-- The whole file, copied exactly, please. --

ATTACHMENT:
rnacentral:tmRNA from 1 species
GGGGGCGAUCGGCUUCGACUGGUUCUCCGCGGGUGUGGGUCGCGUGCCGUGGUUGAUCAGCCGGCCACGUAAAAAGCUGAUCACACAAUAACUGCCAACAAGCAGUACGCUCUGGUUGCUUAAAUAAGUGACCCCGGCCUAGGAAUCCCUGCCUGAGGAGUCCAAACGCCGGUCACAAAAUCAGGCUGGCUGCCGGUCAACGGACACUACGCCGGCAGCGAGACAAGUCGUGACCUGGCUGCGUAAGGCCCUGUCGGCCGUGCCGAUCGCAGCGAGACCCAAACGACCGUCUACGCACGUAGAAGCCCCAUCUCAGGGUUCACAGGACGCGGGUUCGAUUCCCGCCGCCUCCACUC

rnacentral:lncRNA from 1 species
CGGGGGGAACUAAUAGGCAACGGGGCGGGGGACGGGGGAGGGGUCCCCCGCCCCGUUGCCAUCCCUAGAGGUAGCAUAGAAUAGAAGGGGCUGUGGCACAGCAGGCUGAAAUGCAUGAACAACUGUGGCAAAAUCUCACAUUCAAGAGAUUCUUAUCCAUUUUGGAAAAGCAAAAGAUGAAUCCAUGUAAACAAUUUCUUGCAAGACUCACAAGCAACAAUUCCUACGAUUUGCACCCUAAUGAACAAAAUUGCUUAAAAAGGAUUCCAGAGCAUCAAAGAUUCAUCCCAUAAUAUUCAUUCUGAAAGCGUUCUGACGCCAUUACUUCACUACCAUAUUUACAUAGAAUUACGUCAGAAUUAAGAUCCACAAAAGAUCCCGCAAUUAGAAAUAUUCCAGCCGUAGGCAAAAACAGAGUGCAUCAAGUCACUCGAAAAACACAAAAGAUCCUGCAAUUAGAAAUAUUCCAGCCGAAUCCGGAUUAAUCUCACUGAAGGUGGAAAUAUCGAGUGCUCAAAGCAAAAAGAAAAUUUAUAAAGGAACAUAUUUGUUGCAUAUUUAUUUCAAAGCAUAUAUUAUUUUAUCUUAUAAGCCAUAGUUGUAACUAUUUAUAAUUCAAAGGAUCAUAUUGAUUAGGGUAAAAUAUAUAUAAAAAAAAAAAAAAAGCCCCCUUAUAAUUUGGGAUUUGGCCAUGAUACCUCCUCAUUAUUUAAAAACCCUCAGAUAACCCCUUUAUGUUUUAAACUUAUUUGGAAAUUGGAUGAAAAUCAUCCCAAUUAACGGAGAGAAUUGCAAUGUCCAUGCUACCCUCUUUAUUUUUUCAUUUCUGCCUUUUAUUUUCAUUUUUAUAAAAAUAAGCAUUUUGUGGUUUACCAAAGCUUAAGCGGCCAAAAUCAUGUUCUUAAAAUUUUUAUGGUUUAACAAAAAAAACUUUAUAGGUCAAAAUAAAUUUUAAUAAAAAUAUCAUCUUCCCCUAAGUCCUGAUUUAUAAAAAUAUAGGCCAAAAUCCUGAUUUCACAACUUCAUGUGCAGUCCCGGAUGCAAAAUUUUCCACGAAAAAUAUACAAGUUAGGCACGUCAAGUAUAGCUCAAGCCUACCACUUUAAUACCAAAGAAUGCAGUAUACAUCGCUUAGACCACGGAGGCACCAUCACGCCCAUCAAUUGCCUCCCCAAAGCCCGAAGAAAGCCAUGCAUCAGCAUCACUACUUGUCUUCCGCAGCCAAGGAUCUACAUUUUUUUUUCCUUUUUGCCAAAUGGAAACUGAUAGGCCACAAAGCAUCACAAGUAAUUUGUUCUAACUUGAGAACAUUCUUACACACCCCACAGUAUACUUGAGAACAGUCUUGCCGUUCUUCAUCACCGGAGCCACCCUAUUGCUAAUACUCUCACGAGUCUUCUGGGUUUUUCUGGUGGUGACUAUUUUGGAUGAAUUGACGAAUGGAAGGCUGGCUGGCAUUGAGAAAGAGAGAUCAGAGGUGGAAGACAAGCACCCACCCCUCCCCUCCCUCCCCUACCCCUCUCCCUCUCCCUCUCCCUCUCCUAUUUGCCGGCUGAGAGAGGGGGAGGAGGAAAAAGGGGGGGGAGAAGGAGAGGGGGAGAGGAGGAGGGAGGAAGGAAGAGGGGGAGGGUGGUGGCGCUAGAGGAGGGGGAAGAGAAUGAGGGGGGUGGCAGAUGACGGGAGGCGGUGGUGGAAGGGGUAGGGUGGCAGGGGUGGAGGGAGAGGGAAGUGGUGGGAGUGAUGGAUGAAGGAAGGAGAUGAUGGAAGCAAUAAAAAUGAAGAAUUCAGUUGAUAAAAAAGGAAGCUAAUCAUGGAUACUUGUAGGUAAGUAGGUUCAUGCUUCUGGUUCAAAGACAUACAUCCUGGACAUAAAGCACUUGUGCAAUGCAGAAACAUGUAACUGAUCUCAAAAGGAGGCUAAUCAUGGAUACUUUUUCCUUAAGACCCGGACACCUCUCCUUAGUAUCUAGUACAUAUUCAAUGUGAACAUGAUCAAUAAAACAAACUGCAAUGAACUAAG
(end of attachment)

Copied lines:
rnacentral:tmRNA from 1 species
GGGGGCGAUCGGCUUCGACUGGUUCUCCGCGGGUGUGGGUCGCGUGCCGUGGUUGAUCAGCCGGCCACGUAAAAAGCUGAUCACACAAUAACUGCCAACAAGCAGUACGCUCUGGUUGCUUAAAUAAGUGACCCCGGCCUAGGAAUCCCUGCCUGAGGAGUCCAAACGCCGGUCACAAAAUCAGGCUGGCUGCCGGUCAACGGACACUACGCCGGCAGCGAGACAAGUCGUGACCUGGCUGCGUAAGGCCCUGUCGGCCGUGCCGAUCGCAGCGAGACCCAAACGACCGUCUACGCACGUAGAAGCCCCAUCUCAGGGUUCACAGGACGCGGGUUCGAUUCCCGCCGCCUCCACUC

rnacentral:lncRNA from 1 species
CGGGGGGAACUAAUAGGCAACGGGGCGGGGGACGGGGGAGGGGUCCCCCGCCCCGUUGCCAUCCCUAGAGGUAGCAUAGAAUAGAAGGGGCUGUGGCACAGCAGGCUGAAAUGCAUGAACAACUGUGGCAAAAUCUCACAUUCAAGAGAUUCUUAUCCAUUUUGGAAAAGCAAAAGAUGAAUCCAUGUAAACAAUUUCUUGCAAGACUCACAAGCAACAAUUCCUACGAUUUGCACCCUAAUGAACAAAAUUGCUUAAAAAGGAUUCCAGAGCAUCAAAGAUUCAUCCCAUAAUAUUCAUUCUGAAAGCGUUCUGACGCCAUUACUUCACUACCAUAUUUACAUAGAAUUACGUCAGAAUUAAGAUCCACAAAAGAUCCCGCAAUUAGAAAUAUUCCAGCCGUAGGCAAAAACAGAGUGCAUCAAGUCACUCGAAAAACACAAAAGAUCCUGCAAUUAGAAAUAUUCCAGCCGAAUCCGGAUUAAUCUCACUGAAGGUGGAAAUAUCGAGUGCUCAAAGCAAAAAGAAAAUUUAUAAAGGAACAUAUUUGUUGCAUAUUUAUUUCAAAGCAUAUAUUAUUUUAUCUUAUAAGCCAUAGUUGUAACUAUUUAUAAUUCAAAGGAUCAUAUUGAUUAGGGUAAAAUAUAUAUAAAAAAAAAAAAAAAGCCCCCUUAUAAUUUGGGAUUUGGCCAUGAUACCUCCUCAUUAUUUAAAAACCCUCAGAUAACCCCUUUAUGUUUUAAACUUAUUUGGAAAUUGGAUGAAAAUCAUCCCAAUUAACGGAGAGAAUUGCAAUGUCCAUGCUACCCUCUUUAUUUUUUCAUUUCUGCCUUUUAUUUUCAUUUUUAUAAAAAUAAGCAUUUUGUGGUUUACCAAAGCUUAAGCGGCCAAAAUCAUGUUCUUAAAAUUUUUAUGGUUUAACAAAAAAAACUUUAUAGGUCAAAAUAAAUUUUAAUAAAAAUAUCAUCUUCCCCUAAGUCCUGAUUUAUAAAAAUAUAGGCCAAAAUCCUGAUUUCACAACUUCAUGUGCAGUCCCGGAUGCAAAAUUUUCCACGAAAAAUAUACAAGUUAGGCACGUCAAGUAUAGCUCAAGCCUACCACUUUAAUACCAAAGAAUGCAGUAUACAUCGCUUAGACCACGGAGGCACCAUCACGCCCAUCAAUUGCCUCCCCAAAGCCCGAAGAAAGCCAUGCAUCAGCAUCACUACUUGUCUUCCGCAGCCAAGGAUCUACAUUUUUUUUUCCUUUUUGCCAAAUGGAAACUGAUAGGCCACAAAGCAUCACAAGUAAUUUGUUCUAACUUGAGAACAUUCUUACACACCCCACAGUAUACUUGAGAACAGUCUUGCCGUUCUUCAUCACCGGAGCCACCCUAUUGCUAAUACUCUCACGAGUCUUCUGGGUUUUUCUGGUGGUGACUAUUUUGGAUGAAUUGACGAAUGGAAGGCUGGCUGGCAUUGAGAAAGAGAGAUCAGAGGUGGAAGACAAGCACCCACCCCUCCCCUCCCUCCCCUACCCCUCUCCCUCUCCCUCUCCCUCUCCUAUUUGCCGGCUGAGAGAGGGGGAGGAGGAAAAAGGGGGGGGAGAAGGAGAGGGGGAGAGGAGGAGGGAGGAAGGAAGAGGGGGAGGGUGGUGGCGCUAGAGGAGGGGGAAGAGAAUGAGGGGGGUGGCAGAUGACGGGAGGCGGUGGUGGAAGGGGUAGGGUGGCAGGGGUGGAGGGAGAGGGAAGUGGUGGGAGUGAUGGAUGAAGGAAGGAGAUGAUGGAAGCAAUAAAAAUGAAGAAUUCAGUUGAUAAAAAAGGAAGCUAAUCAUGGAUACUUGUAGGUAAGUAGGUUCAUGCUUCUGGUUCAAAGACAUACAUCCUGGACAUAAAGCACUUGUGCAAUGCAGAAACAUGUAACUGAUCUCAAAAGGAGGCUAAUCAUGGAUACUUUUUCCUUAAGACCCGGACACCUCUCCUUAGUAUCUAGUACAUAUUCAAUGUGAACAUGAUCAAUAAAACAAACUGCAAUGAACUAAG